I would like to see the math.

climbng_vine wrote:

You're wrong. You can, in fact, ignore changing viewing distance within normal use case ranges. Dofmaster confirms this, as do other calculators. Enlargement is the second least important factor, in that you generally have to double or triple the image dimensions to create an appreciable DoF difference at normal viewing distances. Changing the aperture diameter by 10% has a much clearer affect on DoF than going from a 4x6 to an 8x10.

I'd appreciate a demonstration of that claim, if you would. For example, according to DOFmaster,
http://www.dofmaster.com/dofjs.html
, the DOF for an 8x10 image viewed at 25cm on FF from a distance of 10 ft at 50mm f/2 is 0.91 ft.

The aperture diameter at 50mm f/2 is 50mm / 2 = 25mm. So, if we change that aperture diameter by 10% (22.5mm or 27.5mm), we get an f-ratio of 50mm / 22.5mm = f/2.2 or 50mm / 27.5mm = f/1.8. The DOFs for the the same scenario at these f-ratios is 0.81 ft for f/1.8 and 1.03 ft for f/2.2, which represents approximately a 10% difference in DOF.

So, if you would, please show me the math for the DOF of a 4x6 print viewed at 25 cm on FF for a subject distance of 10 ft at 50mm and f/2, and show that it has a much smaller effect on the DOF.

The fact that, in a precise mathematical sense, you cannot "ignore changing any of them" is misleading because, in the real world, some of the factors are barely perceptible except at the absolute edges, and among the rest some create difference more quickly than others. Ignoring this is just stupid.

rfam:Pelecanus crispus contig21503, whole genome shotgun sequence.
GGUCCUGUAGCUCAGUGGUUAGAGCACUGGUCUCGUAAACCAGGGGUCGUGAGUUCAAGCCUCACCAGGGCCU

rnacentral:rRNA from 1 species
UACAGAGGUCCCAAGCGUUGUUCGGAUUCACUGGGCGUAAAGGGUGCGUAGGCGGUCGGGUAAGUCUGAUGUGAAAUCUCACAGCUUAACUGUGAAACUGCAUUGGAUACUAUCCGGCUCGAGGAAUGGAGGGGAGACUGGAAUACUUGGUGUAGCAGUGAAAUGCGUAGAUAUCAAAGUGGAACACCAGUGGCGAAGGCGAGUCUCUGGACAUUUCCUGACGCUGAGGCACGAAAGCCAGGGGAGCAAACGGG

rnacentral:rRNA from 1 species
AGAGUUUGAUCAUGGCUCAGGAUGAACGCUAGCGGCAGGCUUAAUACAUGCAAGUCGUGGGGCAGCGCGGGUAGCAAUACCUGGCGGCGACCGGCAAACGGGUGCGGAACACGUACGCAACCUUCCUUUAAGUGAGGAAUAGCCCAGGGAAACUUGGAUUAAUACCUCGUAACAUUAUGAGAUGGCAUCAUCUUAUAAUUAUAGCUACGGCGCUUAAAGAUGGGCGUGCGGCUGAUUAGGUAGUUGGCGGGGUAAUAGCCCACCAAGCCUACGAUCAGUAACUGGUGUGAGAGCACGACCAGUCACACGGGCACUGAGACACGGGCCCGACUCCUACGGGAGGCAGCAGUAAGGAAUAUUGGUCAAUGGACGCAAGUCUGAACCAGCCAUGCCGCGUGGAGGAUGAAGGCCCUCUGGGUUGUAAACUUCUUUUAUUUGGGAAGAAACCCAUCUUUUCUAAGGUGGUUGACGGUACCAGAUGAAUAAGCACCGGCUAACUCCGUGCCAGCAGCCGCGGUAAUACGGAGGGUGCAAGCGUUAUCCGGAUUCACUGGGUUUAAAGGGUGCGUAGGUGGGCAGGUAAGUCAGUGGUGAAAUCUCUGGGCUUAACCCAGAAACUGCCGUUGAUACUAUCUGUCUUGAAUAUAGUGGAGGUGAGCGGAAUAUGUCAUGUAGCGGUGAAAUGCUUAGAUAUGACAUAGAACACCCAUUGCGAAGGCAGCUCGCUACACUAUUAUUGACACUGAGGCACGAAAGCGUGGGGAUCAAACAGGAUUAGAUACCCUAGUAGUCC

Please, work the math for me that demonstrates your point above.

You should clarify what you mean by "assume a constant output size", because it's not true unless qualified. It assumes a constant
ratio between output size and viewing distance
, precisely because within normal ranges the difference is negligible.

If we scale the display dimensions and viewing distance by the same amount, the DOF will not change, of course. For example, an 8x10 image viewed at 25 cm and the same image displayed at 16x20 and viewed from 50 cm would have the same DOF.

However, what you said above is that changing the aperture diameter by 10% has a much stronger effect on the DOF than changing the viewing dimensions from 8x10 to 4x6, so I am assuming you mean at the same viewing distance, since, by changing our viewing distance, we can completely cancel out any change to DOF that results from changing the display dimensions.

In any event, I would really appreciate you working the math for me.

EDIT: Ah! Saved by the bell, I see -- the thread has hit the 150 post limit. Well, please start a new thread, perhaps with a title like "The mathematics of DOF", and post the results, since I really am interested to see the demonstration.